Islamophobia: The Challenge of Pluralism in the 21st Century

Islamophobia: The Challenge of Pluralism in the 21st Century

Islamophobia: The Challenge of Pluralism in the 21st Century

Islamophobia: The Challenge of Pluralism in the 21st Century

Synopsis

Islamophobia has been on the rise since September 11, as seen in countless cases of discrimination, racism, hate speeches, physical attacks, and anti-Muslim campaigns. The 2006 Danish cartoon crisis and the controversy surrounding Pope Benedict XVI's Regensburg speech have underscored the urgency of such issues as image-making, multiculturalism, freedom of expression, respect for religious symbols, and interfaith relations. The 1997 Runnymede Report defines Islamophobia as "dread, hatred, and hostility towards Islam and Muslims perpetuated by a series of closed views that imply and attribute negative and derogatory stereotypes and beliefs to Muslims." Violating the basic principles of human rights civil liberties, and religious freedom, Islamophobic acts take many different forms. In some cases, mosques, Islamic centers, and Muslim properties are attacked and desecrated. In the workplace, schools, and housing, it takes the form of suspicion, staring, hazing, mockery, rejection, stigmatizing and outright discrimination. In public places, it occurs as indirect discrimination, hate speech, and denial of access to goods and services. This collection of essays takes a multidisciplinary approach to Islamophobia, bringing together the expertise and experience of Muslim, American, and European scholars. Analysis is combined with policy recommendations. Contributors discuss and evaluate good practices already in place and offer new methods for dealing with discrimination, hatred, and racism.

Excerpt

“Islamophobia and the Challenges of Pluralism in the 21st Century” is a timely topic in a world in which the relationship between Islam and the West matters more than ever before. The increasing interdependence and coexistence among dissimilar peoples makes mutual acceptance and respect requisites for social harmony in our interconnected world; thus, the need for the Muslim and the Western worlds to accommodate each other is especially important given the central role these two large communities have been playing in global relations for the last fourteen centuries.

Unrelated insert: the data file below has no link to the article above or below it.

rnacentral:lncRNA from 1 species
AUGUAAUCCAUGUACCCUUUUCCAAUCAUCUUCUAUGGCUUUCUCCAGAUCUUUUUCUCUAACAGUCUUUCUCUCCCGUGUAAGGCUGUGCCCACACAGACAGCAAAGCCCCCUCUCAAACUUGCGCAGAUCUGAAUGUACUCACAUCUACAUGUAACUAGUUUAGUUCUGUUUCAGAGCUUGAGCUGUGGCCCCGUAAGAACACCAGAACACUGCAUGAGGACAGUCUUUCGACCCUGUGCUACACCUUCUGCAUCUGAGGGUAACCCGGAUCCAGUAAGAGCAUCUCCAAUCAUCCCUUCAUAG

Religion is an indispensable component of human life. From time immemorial, religion has shaped the cultural identity of individuals and communities as well as the building of civilizations. In addition to the importance religion carries for all peoples of the world, Islam has been a central factor in the lives of its adherents. Its system of faith has guided them not only in spiritual and moral matters but also in their total world outlook. Islam has a distinctive place in Muslim life; as a sociological reality it influences and guides attitudes and behavior. It is therefore natural that Muslims cannot dismiss attacks directed against their religion as mere opinions but feel deeply offended and sometimes react strongly.

The weight of Islam in social life differs from one country to another. State systems and intellectuals’ attitudes vary significantly, ranging from the Islamic to the secular-oriented, creating a diversity . . .

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